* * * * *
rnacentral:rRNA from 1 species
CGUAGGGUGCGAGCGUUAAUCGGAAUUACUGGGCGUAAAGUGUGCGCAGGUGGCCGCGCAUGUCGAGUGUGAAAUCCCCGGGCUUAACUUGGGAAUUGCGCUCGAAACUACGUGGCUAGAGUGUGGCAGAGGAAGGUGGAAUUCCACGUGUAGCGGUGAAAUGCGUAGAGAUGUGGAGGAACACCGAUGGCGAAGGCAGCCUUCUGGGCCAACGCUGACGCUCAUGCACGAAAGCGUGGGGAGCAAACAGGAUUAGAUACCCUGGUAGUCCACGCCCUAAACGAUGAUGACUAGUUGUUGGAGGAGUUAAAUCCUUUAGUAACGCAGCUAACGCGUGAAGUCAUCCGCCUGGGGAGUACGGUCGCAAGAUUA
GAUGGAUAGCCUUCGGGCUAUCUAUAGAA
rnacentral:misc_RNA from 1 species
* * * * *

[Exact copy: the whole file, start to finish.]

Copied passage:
rnacentral:rRNA from 1 species
CGUAGGGUGCGAGCGUUAAUCGGAAUUACUGGGCGUAAAGUGUGCGCAGGUGGCCGCGCAUGUCGAGUGUGAAAUCCCCGGGCUUAACUUGGGAAUUGCGCUCGAAACUACGUGGCUAGAGUGUGGCAGAGGAAGGUGGAAUUCCACGUGUAGCGGUGAAAUGCGUAGAGAUGUGGAGGAACACCGAUGGCGAAGGCAGCCUUCUGGGCCAACGCUGACGCUCAUGCACGAAAGCGUGGGGAGCAAACAGGAUUAGAUACCCUGGUAGUCCACGCCCUAAACGAUGAUGACUAGUUGUUGGAGGAGUUAAAUCCUUUAGUAACGCAGCUAACGCGUGAAGUCAUCCGCCUGGGGAGUACGGUCGCAAGAUUA
GAUGGAUAGCCUUCGGGCUAUCUAUAGAA
rnacentral:misc_RNA from 1 species